Dawn ceremony to mark Matariki

Last year about a hundred people gathered at Makotukutuku — Cape Wanbrow Lookout in Oamaru to...
Last year about a hundred people gathered at Makotukutuku — Cape Wanbrow Lookout in Oamaru to learn more about the Matariki star cluster and welcome in the Māori new year. Similar numbers are expected this year. Photo: supplied
Next week is Matariki,the Māori New Year celebrations, and a special dawn ceremony, including stargazing, has become a community tradition along with other events throughout the week.

Matariki is the Māori name for the cluster of stars also known as the Pleiades. It rises in midwinter and for many Māori, it heralds the start of a new year. Iwi across New Zealand understand and celebrate Matariki in different ways and at different times.

Waitaki District Libraries leader of Māori services Lisa Jane Potaka-Ross said that Matariki was fast becoming the time of year for New Zealanders to think about this unique celebration.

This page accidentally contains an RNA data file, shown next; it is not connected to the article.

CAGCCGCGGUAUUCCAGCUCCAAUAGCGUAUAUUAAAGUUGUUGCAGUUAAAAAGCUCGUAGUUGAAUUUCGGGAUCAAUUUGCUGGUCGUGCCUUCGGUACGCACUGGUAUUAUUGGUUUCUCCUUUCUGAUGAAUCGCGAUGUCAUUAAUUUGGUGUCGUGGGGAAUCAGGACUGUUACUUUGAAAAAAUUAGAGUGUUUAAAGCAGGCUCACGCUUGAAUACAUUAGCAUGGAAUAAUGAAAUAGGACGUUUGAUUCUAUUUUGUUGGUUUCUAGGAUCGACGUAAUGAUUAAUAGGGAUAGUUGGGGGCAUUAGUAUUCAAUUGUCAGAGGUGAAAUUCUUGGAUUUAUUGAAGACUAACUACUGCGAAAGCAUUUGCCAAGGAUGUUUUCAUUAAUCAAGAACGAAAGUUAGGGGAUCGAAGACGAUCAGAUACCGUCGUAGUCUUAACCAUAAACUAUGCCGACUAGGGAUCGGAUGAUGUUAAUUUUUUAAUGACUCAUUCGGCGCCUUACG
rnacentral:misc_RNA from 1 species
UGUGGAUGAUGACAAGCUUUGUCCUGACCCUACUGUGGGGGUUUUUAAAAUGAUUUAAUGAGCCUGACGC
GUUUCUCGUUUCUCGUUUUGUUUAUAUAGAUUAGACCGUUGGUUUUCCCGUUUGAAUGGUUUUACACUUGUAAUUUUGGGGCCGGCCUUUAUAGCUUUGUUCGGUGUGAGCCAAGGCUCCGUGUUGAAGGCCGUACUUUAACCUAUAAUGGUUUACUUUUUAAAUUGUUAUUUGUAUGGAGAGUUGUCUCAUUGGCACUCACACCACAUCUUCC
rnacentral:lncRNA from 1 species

"It’s a time to reflect on the year that’s been and to look to the year ahead," Ms Potaka-Ross said.

The dawn ceremony will take place at Makotukutuku, Cape Wanbrow Lookout, at 6.30am on Thursday, a day before the public holiday.

Other Matariki events include a community waiata (Māori song) on Tuesday and Wednesday next week at 1pm at the Oamaru Public Library.

Another event next Thursday at the library, at 10.15am, will be the unveiling of the new mural by local artist Wicksy.

"Wicksy was commissioned to come up with the design," she said

On Wednesday evening kaumātua Darren Rewi, from the Queenstown district, will speak about Matariki and Puaka (the seventh-brightest star in the sky and seen above Tautoru, Orion’s Belt, in the eastern sky in early morning).

The talk will be followed by waiata, hot chocolate and cookies.

Ms Potaka-Ross said the library staff had been working in collaboration with Māori astronomer Damien McNamara to put on an "exciting community programme."